Tiago Costa


Internet entrepreneur, kitesurfer and triathlete (Ironman Finisher). Founder of WayNext – digital agency and other companies. Blogging for myself, this is not the agency voice. Welcome!

19 June 2014
by Tiago Costa
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Everything needs to go mobile on the web, really

Yesterday I came across this fabulous post by Avinash, which I added to my Readability list to go through in the quiet night at home, in my iPad, of course (yes, mobile). So there a couple of very good pieces of advice on his post that one can not stress enough:

1. The famous excuse that no one will be buying it from their phones because it’s still a PITA to fill out an order form on it. Yes, that might be true (even on the such great ecommerce experiences as the one Abercrombie has to offer), yet, people might just take a spare minute on the subway to browse for shopping items hoping to buy them later on a desktop computer or at the store:

 

Now, I was not looking to buy on my phone. I had a few minutes, I wanted to research the inventory and go buy it at a local store. Guess what store I did not go to buy my camera? I call it the silent death from not having an acceptable mobile strategy – you don’t even know you are getting killed. And you are guessing why store sales are down (and because of such a simple fix!).

(…)

It used to be silly to not have a smart phone and tablet friendly experiences of your digital existence. It is now profoundly harmful to your bottom-line. Silent death.

2. You need to make sure where your customer stands. If I know nothing about the product or service don’t start by making me fill out a tedious form because first I need to make sure that what you are offering matches my needs. If I would like a sales rep talk on the phone, I would have called in. I want to learn by myself first and then maybe I’ll get in touch. Or else your site is like:

(…) the person that comes to a first date completely naked. If you are not interested in jumping into bed right away, they are happy to walk around the bar and look for someone else. They care that deeply about you. On. The. First. Date!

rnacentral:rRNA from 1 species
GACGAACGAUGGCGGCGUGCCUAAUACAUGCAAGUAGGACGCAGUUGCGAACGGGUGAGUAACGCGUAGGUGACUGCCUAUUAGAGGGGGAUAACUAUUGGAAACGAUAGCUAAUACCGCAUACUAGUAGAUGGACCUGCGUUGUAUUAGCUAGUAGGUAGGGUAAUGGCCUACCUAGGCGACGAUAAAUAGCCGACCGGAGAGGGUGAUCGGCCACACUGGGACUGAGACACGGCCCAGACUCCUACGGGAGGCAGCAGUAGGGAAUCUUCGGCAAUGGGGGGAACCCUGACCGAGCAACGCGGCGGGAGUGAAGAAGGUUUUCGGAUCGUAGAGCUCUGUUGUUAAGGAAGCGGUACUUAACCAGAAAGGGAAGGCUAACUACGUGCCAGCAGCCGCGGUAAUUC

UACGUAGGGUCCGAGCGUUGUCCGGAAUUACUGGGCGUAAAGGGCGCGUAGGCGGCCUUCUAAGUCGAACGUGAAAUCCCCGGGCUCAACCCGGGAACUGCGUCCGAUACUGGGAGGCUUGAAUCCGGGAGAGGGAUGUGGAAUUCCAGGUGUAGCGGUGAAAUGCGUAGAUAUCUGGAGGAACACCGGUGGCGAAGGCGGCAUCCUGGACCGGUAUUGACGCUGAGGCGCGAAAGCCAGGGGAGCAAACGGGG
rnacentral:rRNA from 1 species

3. Personalization and reviews do matter. I should be able to filter out what I don’t want and your website can focus on my needs. If I’m shopping for some brand new tennis shoes, let me state my needs upfront (maybe I’m a pronator or I want some really light competition shoes) and make the whole experience more worth-some. Also, if  I can related to other buyers I will be more at ease to commit with buying so reviews are as good as they came.

4. Make it easy and straight forward. Again, just try Abercrombie european ecommerce site and you’ll find a really great online shopping experience.

 

If you care for ecommerce user experience make sure you take 10 minutes to read the full article here.

8 June 2014
by Tiago Costa
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Training races – half ironman distance triathlon

Last weekend I’ve ran my last preparation race for the Ironman. This time it was the first edition of Sevilla’s half ironman distance triathlon. I have also ran Iberman at Ayamonte Spain and of course, Lisbon Triathlon. This were the three major events on my preparation plan leading up to the Ironman.

Below you can find a recap of the results.

Iberman Ayamonte – Spain – 22-Mar-2014
Overall position 106
Age group position 24/46 (35/39yo)

Time splits
Swim 39m36s
Bike 2h28m51s (the course was 80km long)
Run 1h42m25s
Total 4h48m53s

IbermanFor this race we could only get about 3 hours sleep because of traveling and time difference. Then when got to the start the day was cold and rainy, I remember we had to setup the bikes under some rain. We then went on a boat that took us to the start of the swim but the starting gun went off even before we had the chance to swim from the boat to the start line. During the first half of the bike we faced strong head winds so the average speed was slow, but we managed to improve on the way back to the T2. The run was also a bit windy and I had some stomach pain for the last 8 km or so.

Lisbon Triathlon – Portugal – 03-May-2014

Overall position 227 (in 565 atheletes)
Age group position 69/138 (35/39yo)

Time splits
Swim – 34m09
T1 – 3m35
Bike – 2h51m35
T2 – 2m12
Run – 1h32m35s
Total – 5h04m24s

Lisbon TriathlonThis is a race course I know very well and it was my first half ironman distance triathlon! The day was again a bit windy putting some pressure on the bike and run. I felt slower than I really was on the bike and I was still going strong in the end and managed to run a good half marathon. This stands as a PB for now (not considering Iberman because the bike was shorter than 90km).

Triatlón de Sevilla – Spain – 31-May-2014

Overall position 210 (in 388 atheletes)
Age group position 144/247 (35/39yo)